When Nintendo surprised everyone with the announcement of a Direct Mini mere hours before it premiered, every rational gaming fan would probably assume it probably wasn't going to be filled with heavy hitters, especially since the Japanese company explicitly stated it was a showcase focusing on third party titles and most importantly, "previously-announced Nintendo Switch games."
On 7/20 we'll debut the first #NintendoDirect Mini: Partner Showcase, a series focused on titles from our development & publishing partners. We'll share a few updates on a small group of previously-announced #NintendoSwitch games. Check out the full video release at 7am PT. pic.twitter.com/GbEbxVL6fD— Nintendo of America (@NintendoAmerica) July 20, 2020
Of course, the lack of recent news regarding some of the biggest Nintendo franchises and the promise of an eventful Direct by the end of July skewed expectations with fans of franchises such as Zelda, Mario, and Metroid, clinging to the hope the company would pull an ace up their sleeve. As usual, it did not happen.
Now I hear you say, "how bad can it be?" Surely, it's a small but vocal minority. Well, as of the time of writing, the Nintendo Mini Direct has 68,000 dislikes and counting.
This is far from the first time Nintendo fans have set themselves up for obvious frustration. When The Pokémon Company revealed Pokémon Unite, a MOBA utilising the billion-dollar franchise, fans bombarded the video with almost 200,000 dislikes for the most ludicrous of reasons: somehow they convinced themselves that seeing plushies from Gen 2 monsters behind CEO Tsunekazu Ishihara during the presentation meant a Let's Go Johto! remake was in the works.
Many fans and even industry analysts claimed that the Direct Mini already seemed very lacklustre even with no expectation set and that Nintendo could've easily held off on showing a video presentation, I heavily disagree.
For an eight-minute presentation (for Western markets, as the Japanese crammed a few more exclusive titles for their region), having a trailer for Shin Megami Tensei V was worth the small investment of time. Even better, knowing it will have a simultaneous worldwide release puts a smile on the face of Atlus' fans that have had to deal with dreadful delays between the Asian and Western releases of their games. We haven't forgotten about Persona 5 Scramble, Atlus.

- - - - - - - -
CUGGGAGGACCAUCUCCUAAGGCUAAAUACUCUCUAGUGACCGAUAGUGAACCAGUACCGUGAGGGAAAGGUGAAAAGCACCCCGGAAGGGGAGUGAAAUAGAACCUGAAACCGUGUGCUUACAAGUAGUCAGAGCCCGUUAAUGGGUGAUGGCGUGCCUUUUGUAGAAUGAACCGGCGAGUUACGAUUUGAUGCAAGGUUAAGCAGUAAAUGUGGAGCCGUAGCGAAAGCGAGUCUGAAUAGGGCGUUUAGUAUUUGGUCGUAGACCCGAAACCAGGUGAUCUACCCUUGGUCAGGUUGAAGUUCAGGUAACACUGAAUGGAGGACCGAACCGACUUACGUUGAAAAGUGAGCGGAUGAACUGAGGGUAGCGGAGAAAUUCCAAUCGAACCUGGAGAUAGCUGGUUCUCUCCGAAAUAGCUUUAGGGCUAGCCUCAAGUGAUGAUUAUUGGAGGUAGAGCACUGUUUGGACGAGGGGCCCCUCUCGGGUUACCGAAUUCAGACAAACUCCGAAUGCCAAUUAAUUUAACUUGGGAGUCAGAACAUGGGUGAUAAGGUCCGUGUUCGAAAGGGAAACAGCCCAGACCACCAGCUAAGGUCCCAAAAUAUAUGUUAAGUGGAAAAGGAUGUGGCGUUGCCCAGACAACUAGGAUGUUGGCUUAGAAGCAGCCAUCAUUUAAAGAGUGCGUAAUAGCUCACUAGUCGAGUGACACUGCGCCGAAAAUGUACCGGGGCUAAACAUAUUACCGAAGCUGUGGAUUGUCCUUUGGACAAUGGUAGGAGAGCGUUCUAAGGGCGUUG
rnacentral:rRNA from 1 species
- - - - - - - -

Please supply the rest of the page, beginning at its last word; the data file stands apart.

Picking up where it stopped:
SMTV releasing worldwide simultaneously is a bigger deal than what fans give credit. (Credit: Atlus/Nintendo)
Nintendo doesn't really own fans an explanation as to why they're deciding to sprinkle their gaming content across multiple Mini Directs. I'm not saying people should let them off the hook when the company doesn't show a product up to the standards it's known for (i.e Pokémon Sword and Shield), but let's be real: not every year is going to be a slam-dunk.
This mentality of senseless and impossible to reach hype also stems from Nintendo's track record during the Switch era. Since the release of the revolutionary console, every year for Nintendo has been filled with strong titles that propelled the Switch to a level of success the company desperately needed after the Wii U fiasco — 2017 had Breath of the Wild and Super Mario Odyssey, 2018 saw Smash Bros. Ultimate and Pokémon Let's Go Pikachu/Eevee dominate sales charts, 2019 continued the trend with Luigi's Mansion 3 and Super Mario Maker 2. In 2020 we've had Animal Crossing: New Horizons and... yeah, tjat's it pretty much.
But as I said, it's okay, with a global pandemic impacting pretty much every industry in the world, Nintendo most likely has had to scale back on their release schedule for the year. On top of this, keep in mind long-awaited titles like Metroid Prime 4 had to scrap years of development and start from scratch this past 2019.
It’ll be interesting to see if Nintendo does, in fact, have an ace up their sleeve, but remember, if you find yourself hovering over that dislike button when the next Nintendo Direct rolls around, chances are, you’re the one to blame, not them.